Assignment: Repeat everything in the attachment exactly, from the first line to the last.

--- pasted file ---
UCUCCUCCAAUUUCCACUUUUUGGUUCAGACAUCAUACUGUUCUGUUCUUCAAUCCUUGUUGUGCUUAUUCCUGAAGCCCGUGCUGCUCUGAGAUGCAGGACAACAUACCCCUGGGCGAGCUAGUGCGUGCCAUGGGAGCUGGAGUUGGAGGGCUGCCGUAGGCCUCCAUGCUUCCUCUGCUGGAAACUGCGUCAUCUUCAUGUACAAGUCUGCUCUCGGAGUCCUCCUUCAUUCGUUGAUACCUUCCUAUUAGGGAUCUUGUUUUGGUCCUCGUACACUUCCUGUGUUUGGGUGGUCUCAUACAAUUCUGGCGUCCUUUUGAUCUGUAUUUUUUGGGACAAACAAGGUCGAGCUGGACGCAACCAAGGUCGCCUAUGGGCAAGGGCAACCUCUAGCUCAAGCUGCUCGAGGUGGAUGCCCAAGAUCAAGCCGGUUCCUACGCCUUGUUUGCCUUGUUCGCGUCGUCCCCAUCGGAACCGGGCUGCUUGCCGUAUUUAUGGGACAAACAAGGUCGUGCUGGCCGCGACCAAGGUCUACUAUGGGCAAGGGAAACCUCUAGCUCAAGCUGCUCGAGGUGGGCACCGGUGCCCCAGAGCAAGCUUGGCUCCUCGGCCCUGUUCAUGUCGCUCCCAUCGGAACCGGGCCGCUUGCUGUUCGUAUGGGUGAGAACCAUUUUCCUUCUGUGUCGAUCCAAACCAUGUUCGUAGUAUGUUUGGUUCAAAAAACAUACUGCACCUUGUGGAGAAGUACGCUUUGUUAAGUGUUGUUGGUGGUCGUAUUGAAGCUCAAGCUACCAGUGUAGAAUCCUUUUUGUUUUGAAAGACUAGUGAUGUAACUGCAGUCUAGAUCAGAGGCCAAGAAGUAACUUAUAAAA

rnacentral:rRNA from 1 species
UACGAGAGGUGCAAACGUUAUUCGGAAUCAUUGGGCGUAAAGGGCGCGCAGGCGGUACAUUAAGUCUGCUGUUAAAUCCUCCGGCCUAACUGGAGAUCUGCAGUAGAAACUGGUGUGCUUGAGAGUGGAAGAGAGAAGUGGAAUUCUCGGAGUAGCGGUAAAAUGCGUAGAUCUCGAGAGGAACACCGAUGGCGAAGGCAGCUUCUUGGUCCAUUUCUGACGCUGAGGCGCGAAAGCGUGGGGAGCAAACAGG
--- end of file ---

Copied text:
UCUCCUCCAAUUUCCACUUUUUGGUUCAGACAUCAUACUGUUCUGUUCUUCAAUCCUUGUUGUGCUUAUUCCUGAAGCCCGUGCUGCUCUGAGAUGCAGGACAACAUACCCCUGGGCGAGCUAGUGCGUGCCAUGGGAGCUGGAGUUGGAGGGCUGCCGUAGGCCUCCAUGCUUCCUCUGCUGGAAACUGCGUCAUCUUCAUGUACAAGUCUGCUCUCGGAGUCCUCCUUCAUUCGUUGAUACCUUCCUAUUAGGGAUCUUGUUUUGGUCCUCGUACACUUCCUGUGUUUGGGUGGUCUCAUACAAUUCUGGCGUCCUUUUGAUCUGUAUUUUUUGGGACAAACAAGGUCGAGCUGGACGCAACCAAGGUCGCCUAUGGGCAAGGGCAACCUCUAGCUCAAGCUGCUCGAGGUGGAUGCCCAAGAUCAAGCCGGUUCCUACGCCUUGUUUGCCUUGUUCGCGUCGUCCCCAUCGGAACCGGGCUGCUUGCCGUAUUUAUGGGACAAACAAGGUCGUGCUGGCCGCGACCAAGGUCUACUAUGGGCAAGGGAAACCUCUAGCUCAAGCUGCUCGAGGUGGGCACCGGUGCCCCAGAGCAAGCUUGGCUCCUCGGCCCUGUUCAUGUCGCUCCCAUCGGAACCGGGCCGCUUGCUGUUCGUAUGGGUGAGAACCAUUUUCCUUCUGUGUCGAUCCAAACCAUGUUCGUAGUAUGUUUGGUUCAAAAAACAUACUGCACCUUGUGGAGAAGUACGCUUUGUUAAGUGUUGUUGGUGGUCGUAUUGAAGCUCAAGCUACCAGUGUAGAAUCCUUUUUGUUUUGAAAGACUAGUGAUGUAACUGCAGUCUAGAUCAGAGGCCAAGAAGUAACUUAUAAAA

rnacentral:rRNA from 1 species
UACGAGAGGUGCAAACGUUAUUCGGAAUCAUUGGGCGUAAAGGGCGCGCAGGCGGUACAUUAAGUCUGCUGUUAAAUCCUCCGGCCUAACUGGAGAUCUGCAGUAGAAACUGGUGUGCUUGAGAGUGGAAGAGAGAAGUGGAAUUCUCGGAGUAGCGGUAAAAUGCGUAGAUCUCGAGAGGAACACCGAUGGCGAAGGCAGCUUCUUGGUCCAUUUCUGACGCUGAGGCGCGAAAGCGUGGGGAGCAAACAGG